Never mind that it’s unclear how a corporation can hold religious beliefs. Never mind that its alleged beliefs are based on an incorrect understanding of how the contraceptives in question actually work. Never mind that the contraceptives in question have medical uses besides birth control. Never mind that this company voluntarily provided cover for some of those contraceptives until 2012, as well as investing in companies that make them. The Supreme Court has decided that this corporation counts as a person with sincerely held religious beliefs, and allowed it to impose those beliefs on thousands of employees.

The decision is alarming in its own right, but it also sets a dangerous legal precedent. Already there are another 82 corporations hoping to drop birth control coverage from their insurance plans; the dissenting Justices note that the arguments made by the Court could apply equally to employers who claim their religious beliefs are violated by health coverage of vaccines or blood transfusions, or by anti-discrimination laws. As Justice Ruth Ginsburg points out in the dissent, “No tradition, and no prior decision under RFRA, allows a religion-based exemption when the accommodation would be harmful to others——here, the very persons the contraceptive coverage requirement was designed to protect”.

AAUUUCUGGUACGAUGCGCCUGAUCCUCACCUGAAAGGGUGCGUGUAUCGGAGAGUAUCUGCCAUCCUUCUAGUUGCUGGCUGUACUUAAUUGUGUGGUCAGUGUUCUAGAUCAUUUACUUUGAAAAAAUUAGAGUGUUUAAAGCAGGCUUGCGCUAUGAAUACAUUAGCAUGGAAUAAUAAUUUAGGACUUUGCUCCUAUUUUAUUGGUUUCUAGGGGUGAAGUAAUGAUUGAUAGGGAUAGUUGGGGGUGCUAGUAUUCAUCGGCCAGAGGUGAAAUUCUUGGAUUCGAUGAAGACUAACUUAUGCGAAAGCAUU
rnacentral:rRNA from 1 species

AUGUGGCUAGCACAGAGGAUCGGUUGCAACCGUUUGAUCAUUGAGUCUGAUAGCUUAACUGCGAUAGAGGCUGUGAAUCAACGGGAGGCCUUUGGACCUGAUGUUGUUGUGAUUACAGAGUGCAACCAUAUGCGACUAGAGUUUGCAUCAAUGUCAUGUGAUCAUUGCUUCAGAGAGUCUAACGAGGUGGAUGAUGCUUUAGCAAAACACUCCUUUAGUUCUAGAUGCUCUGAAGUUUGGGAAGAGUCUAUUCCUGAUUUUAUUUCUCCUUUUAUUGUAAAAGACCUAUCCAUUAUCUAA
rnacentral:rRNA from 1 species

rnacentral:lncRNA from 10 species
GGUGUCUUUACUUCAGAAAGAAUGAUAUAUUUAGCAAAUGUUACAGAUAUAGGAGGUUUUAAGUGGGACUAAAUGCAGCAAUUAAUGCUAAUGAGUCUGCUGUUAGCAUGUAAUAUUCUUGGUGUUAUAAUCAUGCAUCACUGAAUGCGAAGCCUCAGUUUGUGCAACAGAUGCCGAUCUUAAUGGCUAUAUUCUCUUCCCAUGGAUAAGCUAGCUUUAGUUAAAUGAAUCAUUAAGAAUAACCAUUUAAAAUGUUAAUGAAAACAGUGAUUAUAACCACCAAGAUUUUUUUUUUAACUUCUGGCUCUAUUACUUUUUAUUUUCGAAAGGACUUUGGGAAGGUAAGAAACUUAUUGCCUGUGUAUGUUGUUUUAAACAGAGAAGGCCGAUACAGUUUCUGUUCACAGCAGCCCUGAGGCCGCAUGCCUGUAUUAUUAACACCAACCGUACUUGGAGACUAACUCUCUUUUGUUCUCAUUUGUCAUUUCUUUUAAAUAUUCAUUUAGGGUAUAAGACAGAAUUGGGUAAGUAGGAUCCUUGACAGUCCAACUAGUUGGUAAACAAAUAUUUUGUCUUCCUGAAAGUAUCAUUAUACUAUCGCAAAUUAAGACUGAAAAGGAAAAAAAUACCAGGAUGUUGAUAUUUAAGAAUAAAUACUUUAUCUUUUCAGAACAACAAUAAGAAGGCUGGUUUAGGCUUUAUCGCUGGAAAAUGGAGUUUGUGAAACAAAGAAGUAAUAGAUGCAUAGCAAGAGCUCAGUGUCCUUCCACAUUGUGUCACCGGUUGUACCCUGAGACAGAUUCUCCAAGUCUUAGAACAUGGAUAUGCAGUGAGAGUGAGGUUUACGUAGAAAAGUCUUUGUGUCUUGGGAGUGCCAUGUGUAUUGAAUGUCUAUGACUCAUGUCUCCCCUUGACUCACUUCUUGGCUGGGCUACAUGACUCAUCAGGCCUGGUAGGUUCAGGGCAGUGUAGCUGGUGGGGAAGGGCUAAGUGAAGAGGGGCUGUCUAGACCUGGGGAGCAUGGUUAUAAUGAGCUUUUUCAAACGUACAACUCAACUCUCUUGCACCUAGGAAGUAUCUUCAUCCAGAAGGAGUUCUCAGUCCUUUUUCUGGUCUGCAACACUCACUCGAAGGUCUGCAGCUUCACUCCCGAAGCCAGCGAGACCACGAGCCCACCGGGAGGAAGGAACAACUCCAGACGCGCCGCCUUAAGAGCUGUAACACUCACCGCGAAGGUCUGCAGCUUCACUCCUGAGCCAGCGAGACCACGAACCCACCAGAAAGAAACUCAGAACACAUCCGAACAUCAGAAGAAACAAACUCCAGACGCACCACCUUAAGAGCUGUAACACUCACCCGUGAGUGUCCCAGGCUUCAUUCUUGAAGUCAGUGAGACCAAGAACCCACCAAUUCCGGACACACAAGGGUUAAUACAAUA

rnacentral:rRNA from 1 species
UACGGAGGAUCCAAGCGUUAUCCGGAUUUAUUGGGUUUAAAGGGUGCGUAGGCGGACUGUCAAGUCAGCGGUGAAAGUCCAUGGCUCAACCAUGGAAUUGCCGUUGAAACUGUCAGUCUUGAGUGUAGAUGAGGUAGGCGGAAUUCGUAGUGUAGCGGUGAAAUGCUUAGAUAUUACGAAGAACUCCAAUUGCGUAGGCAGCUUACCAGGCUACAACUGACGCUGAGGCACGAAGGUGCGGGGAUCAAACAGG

In short, not only do corporations count as “people”, but their right to free expression of religion trumps the rights of actual people.

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Rite of passage

Today I received my first unsolicited “proof” that it’s possible to square the circle. A footnote on the first page reads

An advise: If you strongly believe that (1) 3.1415926… is the value of π. (2) π is a transcendental number and (3) squaring of circle is impossible, you need not look at this work and waste your precious time.

Good advice… but curiosity got the better of me.

The author includes a few papers that he published in the IOSR journal of mathematics (a questionable publication, to put it mildly) in which he argues that π=(14-√2)/4 (≈ 3.1464466), which is of course algebraic, not transcendental, and that using this value for π it is possible to “square the circle”. He ends with some biographical information, including details and photos of family members and of sculptures that he has donated to various institutions.

To defend his assertion that π is not transcendental, he quotes a line from the chapter Quadrature of the Circle in Underwood Dudley’s Mathematical Cranks. Unfortunately, he fails to realise that the line he’s quoting is included as part of an example of the work of a crank.